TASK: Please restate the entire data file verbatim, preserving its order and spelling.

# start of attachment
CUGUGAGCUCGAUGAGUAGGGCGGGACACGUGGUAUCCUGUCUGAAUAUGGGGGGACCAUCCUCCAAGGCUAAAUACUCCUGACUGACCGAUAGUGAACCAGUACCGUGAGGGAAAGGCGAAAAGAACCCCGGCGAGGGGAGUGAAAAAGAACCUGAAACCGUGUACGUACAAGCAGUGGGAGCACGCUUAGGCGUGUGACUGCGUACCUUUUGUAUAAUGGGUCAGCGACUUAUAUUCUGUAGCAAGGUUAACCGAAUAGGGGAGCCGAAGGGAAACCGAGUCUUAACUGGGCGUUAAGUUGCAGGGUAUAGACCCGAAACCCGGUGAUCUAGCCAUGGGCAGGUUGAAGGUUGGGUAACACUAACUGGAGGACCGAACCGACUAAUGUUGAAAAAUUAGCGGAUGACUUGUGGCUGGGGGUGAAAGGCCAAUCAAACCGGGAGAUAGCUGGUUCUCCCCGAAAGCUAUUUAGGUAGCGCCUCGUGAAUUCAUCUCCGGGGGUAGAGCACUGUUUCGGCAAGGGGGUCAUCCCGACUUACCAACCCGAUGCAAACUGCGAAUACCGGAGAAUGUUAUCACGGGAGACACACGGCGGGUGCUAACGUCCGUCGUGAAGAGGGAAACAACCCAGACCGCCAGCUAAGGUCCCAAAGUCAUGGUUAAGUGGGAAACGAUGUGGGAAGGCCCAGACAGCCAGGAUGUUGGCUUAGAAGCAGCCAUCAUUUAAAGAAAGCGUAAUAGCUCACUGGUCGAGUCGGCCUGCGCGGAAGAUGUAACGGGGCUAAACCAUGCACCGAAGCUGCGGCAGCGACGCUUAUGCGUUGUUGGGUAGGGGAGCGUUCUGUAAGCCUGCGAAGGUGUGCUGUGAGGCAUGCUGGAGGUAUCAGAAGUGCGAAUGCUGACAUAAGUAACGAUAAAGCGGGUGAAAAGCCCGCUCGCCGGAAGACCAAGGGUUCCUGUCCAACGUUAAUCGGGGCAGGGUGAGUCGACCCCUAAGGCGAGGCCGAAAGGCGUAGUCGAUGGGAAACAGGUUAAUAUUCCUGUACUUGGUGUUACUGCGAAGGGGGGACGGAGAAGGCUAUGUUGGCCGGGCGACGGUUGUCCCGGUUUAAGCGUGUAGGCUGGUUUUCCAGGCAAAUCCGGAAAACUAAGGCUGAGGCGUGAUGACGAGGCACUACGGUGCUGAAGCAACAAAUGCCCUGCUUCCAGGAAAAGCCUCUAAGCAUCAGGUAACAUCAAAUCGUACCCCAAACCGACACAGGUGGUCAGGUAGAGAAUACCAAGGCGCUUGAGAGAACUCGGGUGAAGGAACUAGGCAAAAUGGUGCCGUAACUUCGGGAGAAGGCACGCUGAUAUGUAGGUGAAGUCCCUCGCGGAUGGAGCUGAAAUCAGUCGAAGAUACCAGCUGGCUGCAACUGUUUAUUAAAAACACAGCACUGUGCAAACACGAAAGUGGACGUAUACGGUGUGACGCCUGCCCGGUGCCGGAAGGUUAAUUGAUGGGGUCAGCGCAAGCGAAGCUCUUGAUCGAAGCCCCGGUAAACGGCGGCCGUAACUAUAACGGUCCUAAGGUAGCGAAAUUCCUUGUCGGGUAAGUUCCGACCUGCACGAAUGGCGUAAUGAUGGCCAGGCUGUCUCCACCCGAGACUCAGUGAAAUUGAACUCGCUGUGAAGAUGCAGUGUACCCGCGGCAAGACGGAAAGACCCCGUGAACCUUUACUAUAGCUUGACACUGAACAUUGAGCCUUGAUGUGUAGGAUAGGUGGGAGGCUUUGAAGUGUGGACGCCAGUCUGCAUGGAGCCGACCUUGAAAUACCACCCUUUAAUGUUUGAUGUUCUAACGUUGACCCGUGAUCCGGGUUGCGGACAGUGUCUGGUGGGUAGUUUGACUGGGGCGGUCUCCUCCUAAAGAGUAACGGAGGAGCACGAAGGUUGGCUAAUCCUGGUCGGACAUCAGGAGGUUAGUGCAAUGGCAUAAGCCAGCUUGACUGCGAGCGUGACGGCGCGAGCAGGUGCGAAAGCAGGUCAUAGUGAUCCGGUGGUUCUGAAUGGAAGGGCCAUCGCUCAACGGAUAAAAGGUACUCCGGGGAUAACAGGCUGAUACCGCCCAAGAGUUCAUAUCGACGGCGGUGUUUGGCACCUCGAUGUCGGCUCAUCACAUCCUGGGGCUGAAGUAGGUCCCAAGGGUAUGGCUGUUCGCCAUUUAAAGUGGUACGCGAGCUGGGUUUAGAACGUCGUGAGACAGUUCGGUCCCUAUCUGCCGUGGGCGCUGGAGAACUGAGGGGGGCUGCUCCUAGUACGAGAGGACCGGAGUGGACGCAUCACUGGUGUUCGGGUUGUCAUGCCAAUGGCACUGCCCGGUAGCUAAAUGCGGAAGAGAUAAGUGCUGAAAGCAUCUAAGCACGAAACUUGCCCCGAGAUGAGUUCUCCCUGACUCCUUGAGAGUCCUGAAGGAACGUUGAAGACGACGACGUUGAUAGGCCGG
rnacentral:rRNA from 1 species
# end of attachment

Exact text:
CUGUGAGCUCGAUGAGUAGGGCGGGACACGUGGUAUCCUGUCUGAAUAUGGGGGGACCAUCCUCCAAGGCUAAAUACUCCUGACUGACCGAUAGUGAACCAGUACCGUGAGGGAAAGGCGAAAAGAACCCCGGCGAGGGGAGUGAAAAAGAACCUGAAACCGUGUACGUACAAGCAGUGGGAGCACGCUUAGGCGUGUGACUGCGUACCUUUUGUAUAAUGGGUCAGCGACUUAUAUUCUGUAGCAAGGUUAACCGAAUAGGGGAGCCGAAGGGAAACCGAGUCUUAACUGGGCGUUAAGUUGCAGGGUAUAGACCCGAAACCCGGUGAUCUAGCCAUGGGCAGGUUGAAGGUUGGGUAACACUAACUGGAGGACCGAACCGACUAAUGUUGAAAAAUUAGCGGAUGACUUGUGGCUGGGGGUGAAAGGCCAAUCAAACCGGGAGAUAGCUGGUUCUCCCCGAAAGCUAUUUAGGUAGCGCCUCGUGAAUUCAUCUCCGGGGGUAGAGCACUGUUUCGGCAAGGGGGUCAUCCCGACUUACCAACCCGAUGCAAACUGCGAAUACCGGAGAAUGUUAUCACGGGAGACACACGGCGGGUGCUAACGUCCGUCGUGAAGAGGGAAACAACCCAGACCGCCAGCUAAGGUCCCAAAGUCAUGGUUAAGUGGGAAACGAUGUGGGAAGGCCCAGACAGCCAGGAUGUUGGCUUAGAAGCAGCCAUCAUUUAAAGAAAGCGUAAUAGCUCACUGGUCGAGUCGGCCUGCGCGGAAGAUGUAACGGGGCUAAACCAUGCACCGAAGCUGCGGCAGCGACGCUUAUGCGUUGUUGGGUAGGGGAGCGUUCUGUAAGCCUGCGAAGGUGUGCUGUGAGGCAUGCUGGAGGUAUCAGAAGUGCGAAUGCUGACAUAAGUAACGAUAAAGCGGGUGAAAAGCCCGCUCGCCGGAAGACCAAGGGUUCCUGUCCAACGUUAAUCGGGGCAGGGUGAGUCGACCCCUAAGGCGAGGCCGAAAGGCGUAGUCGAUGGGAAACAGGUUAAUAUUCCUGUACUUGGUGUUACUGCGAAGGGGGGACGGAGAAGGCUAUGUUGGCCGGGCGACGGUUGUCCCGGUUUAAGCGUGUAGGCUGGUUUUCCAGGCAAAUCCGGAAAACUAAGGCUGAGGCGUGAUGACGAGGCACUACGGUGCUGAAGCAACAAAUGCCCUGCUUCCAGGAAAAGCCUCUAAGCAUCAGGUAACAUCAAAUCGUACCCCAAACCGACACAGGUGGUCAGGUAGAGAAUACCAAGGCGCUUGAGAGAACUCGGGUGAAGGAACUAGGCAAAAUGGUGCCGUAACUUCGGGAGAAGGCACGCUGAUAUGUAGGUGAAGUCCCUCGCGGAUGGAGCUGAAAUCAGUCGAAGAUACCAGCUGGCUGCAACUGUUUAUUAAAAACACAGCACUGUGCAAACACGAAAGUGGACGUAUACGGUGUGACGCCUGCCCGGUGCCGGAAGGUUAAUUGAUGGGGUCAGCGCAAGCGAAGCUCUUGAUCGAAGCCCCGGUAAACGGCGGCCGUAACUAUAACGGUCCUAAGGUAGCGAAAUUCCUUGUCGGGUAAGUUCCGACCUGCACGAAUGGCGUAAUGAUGGCCAGGCUGUCUCCACCCGAGACUCAGUGAAAUUGAACUCGCUGUGAAGAUGCAGUGUACCCGCGGCAAGACGGAAAGACCCCGUGAACCUUUACUAUAGCUUGACACUGAACAUUGAGCCUUGAUGUGUAGGAUAGGUGGGAGGCUUUGAAGUGUGGACGCCAGUCUGCAUGGAGCCGACCUUGAAAUACCACCCUUUAAUGUUUGAUGUUCUAACGUUGACCCGUGAUCCGGGUUGCGGACAGUGUCUGGUGGGUAGUUUGACUGGGGCGGUCUCCUCCUAAAGAGUAACGGAGGAGCACGAAGGUUGGCUAAUCCUGGUCGGACAUCAGGAGGUUAGUGCAAUGGCAUAAGCCAGCUUGACUGCGAGCGUGACGGCGCGAGCAGGUGCGAAAGCAGGUCAUAGUGAUCCGGUGGUUCUGAAUGGAAGGGCCAUCGCUCAACGGAUAAAAGGUACUCCGGGGAUAACAGGCUGAUACCGCCCAAGAGUUCAUAUCGACGGCGGUGUUUGGCACCUCGAUGUCGGCUCAUCACAUCCUGGGGCUGAAGUAGGUCCCAAGGGUAUGGCUGUUCGCCAUUUAAAGUGGUACGCGAGCUGGGUUUAGAACGUCGUGAGACAGUUCGGUCCCUAUCUGCCGUGGGCGCUGGAGAACUGAGGGGGGCUGCUCCUAGUACGAGAGGACCGGAGUGGACGCAUCACUGGUGUUCGGGUUGUCAUGCCAAUGGCACUGCCCGGUAGCUAAAUGCGGAAGAGAUAAGUGCUGAAAGCAUCUAAGCACGAAACUUGCCCCGAGAUGAGUUCUCCCUGACUCCUUGAGAGUCCUGAAGGAACGUUGAAGACGACGACGUUGAUAGGCCGG
rnacentral:rRNA from 1 species